In the Scientific paper discussed here, Caputo found a way to induce a dissociated state so that psychologists could study it. His method is, for all intents and purposes, identical to ‘TR0 confronting’. It’s feasible that Scientologists, after regularly practising TR0 and a number of similar TRs, can induce a dissociated state in themselves, almost at will.
Caputo notes on pg1 that depersonalisation is associated with dissociation, and this state of mind would certainly help them to achieve the expected result from auditing – the ‘experience’ of previous lives. On page 1 Caputo states that,
Depersonalization is an experience in which the individual feels a sense of unreality and detachment from
themselves. This is often accompanied by the symptom of derealisation in which the external world also appears unfamiliar. Patients describe their experiences of unreality as if they are living in a dream, and their sense of detachment from the world as though they are viewing life from behind a glass.
In such a state, a directed flight of fancy might easily be mistaken for remembrance of past events in an unfamiliar life. Also, the praise and approval provided by peers after this ‘success’ makes the subject more likely to take it seriously, leading to the creation of a false memory.
Why Does Staring Bring About Dissociation?
Humans are used to complex and constantly changing sensory input, so when this suddenly ceases strange things can happen. Starved of input, your brain picks up on its own internal electrical noise and tries to interpret it – a process similar to dreaming.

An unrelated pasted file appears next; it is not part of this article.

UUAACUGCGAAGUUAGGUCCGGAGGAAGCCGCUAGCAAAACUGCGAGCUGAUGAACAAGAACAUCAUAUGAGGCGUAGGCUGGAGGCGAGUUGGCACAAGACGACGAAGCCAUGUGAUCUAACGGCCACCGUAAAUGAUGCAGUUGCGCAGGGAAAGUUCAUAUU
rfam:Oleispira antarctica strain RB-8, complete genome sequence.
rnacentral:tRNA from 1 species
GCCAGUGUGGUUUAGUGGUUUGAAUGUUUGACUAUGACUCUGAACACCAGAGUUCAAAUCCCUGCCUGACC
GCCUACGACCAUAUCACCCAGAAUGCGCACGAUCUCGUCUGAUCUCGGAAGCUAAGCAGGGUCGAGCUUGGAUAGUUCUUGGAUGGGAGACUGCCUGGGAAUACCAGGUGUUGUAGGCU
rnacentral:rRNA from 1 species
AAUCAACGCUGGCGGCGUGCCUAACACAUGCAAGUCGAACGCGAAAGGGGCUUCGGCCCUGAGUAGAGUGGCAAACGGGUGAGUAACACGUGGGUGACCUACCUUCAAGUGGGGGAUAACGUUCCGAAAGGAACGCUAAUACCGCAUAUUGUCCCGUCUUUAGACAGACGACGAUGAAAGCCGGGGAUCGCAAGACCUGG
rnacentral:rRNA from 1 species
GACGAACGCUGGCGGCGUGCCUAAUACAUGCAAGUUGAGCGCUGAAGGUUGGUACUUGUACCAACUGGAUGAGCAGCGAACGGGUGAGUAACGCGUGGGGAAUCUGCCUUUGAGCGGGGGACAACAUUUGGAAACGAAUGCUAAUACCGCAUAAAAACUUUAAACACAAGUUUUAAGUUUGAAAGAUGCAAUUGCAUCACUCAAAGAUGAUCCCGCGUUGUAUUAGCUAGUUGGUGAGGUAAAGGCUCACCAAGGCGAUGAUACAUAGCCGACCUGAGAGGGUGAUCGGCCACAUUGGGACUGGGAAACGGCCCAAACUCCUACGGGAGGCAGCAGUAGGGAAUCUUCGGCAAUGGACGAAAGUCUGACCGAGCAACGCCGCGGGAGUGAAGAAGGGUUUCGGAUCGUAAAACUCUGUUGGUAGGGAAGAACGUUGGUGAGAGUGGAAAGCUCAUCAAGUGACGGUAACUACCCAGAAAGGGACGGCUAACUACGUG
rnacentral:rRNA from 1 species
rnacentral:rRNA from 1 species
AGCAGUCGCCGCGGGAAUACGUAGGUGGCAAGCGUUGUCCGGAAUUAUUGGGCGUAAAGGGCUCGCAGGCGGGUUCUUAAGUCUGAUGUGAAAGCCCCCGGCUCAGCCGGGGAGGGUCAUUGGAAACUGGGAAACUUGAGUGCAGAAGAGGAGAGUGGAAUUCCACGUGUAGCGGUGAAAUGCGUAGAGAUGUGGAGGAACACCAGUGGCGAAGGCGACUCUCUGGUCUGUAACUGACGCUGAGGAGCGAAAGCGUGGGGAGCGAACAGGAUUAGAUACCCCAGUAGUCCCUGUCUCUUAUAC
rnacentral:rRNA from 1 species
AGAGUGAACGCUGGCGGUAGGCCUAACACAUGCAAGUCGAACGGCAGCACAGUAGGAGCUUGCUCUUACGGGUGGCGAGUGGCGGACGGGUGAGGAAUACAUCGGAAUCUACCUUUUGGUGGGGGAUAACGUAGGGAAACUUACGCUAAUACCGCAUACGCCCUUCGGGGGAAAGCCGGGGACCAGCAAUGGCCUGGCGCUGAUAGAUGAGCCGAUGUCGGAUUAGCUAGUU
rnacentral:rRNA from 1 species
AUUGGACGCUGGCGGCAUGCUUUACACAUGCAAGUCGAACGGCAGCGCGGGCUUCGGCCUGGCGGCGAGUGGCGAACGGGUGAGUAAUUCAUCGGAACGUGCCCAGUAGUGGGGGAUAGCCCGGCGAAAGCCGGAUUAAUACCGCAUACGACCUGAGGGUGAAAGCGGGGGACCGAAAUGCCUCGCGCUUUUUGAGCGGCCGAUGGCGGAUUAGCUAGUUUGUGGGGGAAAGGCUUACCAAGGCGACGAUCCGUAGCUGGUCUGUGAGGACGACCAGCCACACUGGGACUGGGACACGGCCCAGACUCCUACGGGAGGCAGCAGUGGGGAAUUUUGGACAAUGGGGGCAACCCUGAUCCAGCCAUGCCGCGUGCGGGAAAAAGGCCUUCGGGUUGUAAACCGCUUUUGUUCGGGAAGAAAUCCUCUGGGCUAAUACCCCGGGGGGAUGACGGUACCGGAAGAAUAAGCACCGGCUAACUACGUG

Staring at another person for long periods or time is equivalent to sensory deprivation – which is well known to produce strange hallucinations. You may be experiencing sensory input – you can see your partner’s face – but this input does not change. This is such an unnatural experience that your mind tries to fit it in to previous experience by supplying movement and variety in the form of dream-like illusions.
The other symptoms (e.g.) depersonalisation are due to the loss of coordination between mental processes that comes about the mind can no longer make sense of its experience.
Caputo’s experiment is incredibly similar to the experience of Scientology ‘students’ undergoing ‘TR0 confronting’. It demonstrates that the strange and compelling hallucinations that both groups have are the result of natural processes which would happen to just about anybody, when they are placed in this odd situation.
Scientologists exploit these experiences by claiming that:
- Scientology training is uniquely responsible for them
- They provide evidence of the truth of Scientology doctrine
The interpretation is crucial. If you have these experiences in a Scientology environment, you will be led to interpret them in terms of Scientology and this may result in ‘conversion’ to Scientology.